Your SlideShare is downloading. ×
  • Like
  • Save
Paithani
Upcoming SlideShare
Loading in...5
×

Thanks for flagging this SlideShare!

Oops! An error has occurred.

×

Now you can save presentations on your phone or tablet

Available for both IPhone and Android

Text the download link to your phone

Standard text messaging rates apply
Published

Presentation for Assocham-IMC LW Exhibition at The Ashok Hotel Convention Hall, New Delhi, Feb 23-24, 2010.

Presentation for Assocham-IMC LW Exhibition at The Ashok Hotel Convention Hall, New Delhi, Feb 23-24, 2010.

  • Full Name Full Name Comment goes here.
    Are you sure you want to
    Your message goes here
    Be the first to comment
No Downloads

Views

Total Views
1,628
On SlideShare
0
From Embeds
0
Number of Embeds
1

Actions

Shares
Downloads
0
Comments
0
Likes
1

Embeds 0

No embeds

Report content

Flagged as inappropriate Flag as inappropriate
Flag as inappropriate

Select your reason for flagging this presentation as inappropriate.

Cancel
    No notes for slide

Transcript

  • 1. Paithani: Celebrated Indian Art Touch of Class Paithani Sarees by Rashmi Tapadia, Pune ASSOCHAM IMC LADIES’ WING WINNER OF ASSOCHAM WOMEN ENTREPRENEURS 2010 AWARD FOR PAITHANI REVIVAL NEW DELHI, Feb 23 rd 2010. Since 200 B.C.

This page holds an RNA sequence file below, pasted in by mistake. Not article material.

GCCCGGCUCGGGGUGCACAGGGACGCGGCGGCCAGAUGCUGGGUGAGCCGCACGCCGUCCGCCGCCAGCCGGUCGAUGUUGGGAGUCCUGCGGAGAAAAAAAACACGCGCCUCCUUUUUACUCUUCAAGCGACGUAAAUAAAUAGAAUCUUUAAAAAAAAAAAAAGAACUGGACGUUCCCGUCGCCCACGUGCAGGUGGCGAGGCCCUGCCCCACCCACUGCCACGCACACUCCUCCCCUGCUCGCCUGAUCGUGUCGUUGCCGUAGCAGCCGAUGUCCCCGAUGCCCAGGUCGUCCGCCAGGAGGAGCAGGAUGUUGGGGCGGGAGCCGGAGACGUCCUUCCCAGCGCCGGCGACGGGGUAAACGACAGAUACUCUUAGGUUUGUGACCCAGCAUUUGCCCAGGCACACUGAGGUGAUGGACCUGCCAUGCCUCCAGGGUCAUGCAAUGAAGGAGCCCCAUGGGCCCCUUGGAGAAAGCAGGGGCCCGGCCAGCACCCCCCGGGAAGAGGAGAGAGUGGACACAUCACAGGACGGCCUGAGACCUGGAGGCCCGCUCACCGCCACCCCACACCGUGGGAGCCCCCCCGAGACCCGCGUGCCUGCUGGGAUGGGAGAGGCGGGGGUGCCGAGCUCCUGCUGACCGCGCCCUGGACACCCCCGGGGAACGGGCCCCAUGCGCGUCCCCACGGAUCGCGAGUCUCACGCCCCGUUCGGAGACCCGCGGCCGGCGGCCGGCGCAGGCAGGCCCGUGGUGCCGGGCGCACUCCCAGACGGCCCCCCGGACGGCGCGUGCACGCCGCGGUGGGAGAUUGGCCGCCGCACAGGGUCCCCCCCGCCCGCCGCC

• 2. Paithani: Celebrated Indian Art Since 200 B.C. PAITHANI Paithani is the completely hand-woven fabric made from fine silk, gold and silver threads (Jari) by painstaking efforts of artisans with the ancient technique of tapestry weaving. Due to its golden appearance from precious metal threads and intricate woven motifs, it was popular as Golden Woven Fabric forming a Royal attire for Satvahan, Yadavas and Romans that became tradition for Mughal’s, Nizam of Hyderabad and Peshwas.
  • 3. Paithani: Celebrated Indian Art Born in Paithan (Pratishtan) in 200 B.C., the splendid capital of Satvahana Dynasty. At times, Romans imported this Golden Woven Fabric in exchange of gold of equal weight. Under the rule of Yadava and Chalukya, it retained its royal touch becoming a precious textile. Despite the passage of time that saw changing rulers and instability, it managed to survive. During Mughal Era, Aurangzeb brought back life to Paithani introducing new motifs and supported weavers for survival. Peshwa of Pune patronized it further by settling artisans to Yeola, a small town near Shirdi. Loosing its glory in British Raj, Paithani struggled long for survival until private and government institutions joined for its revival. Since 200 B.C. HISTORY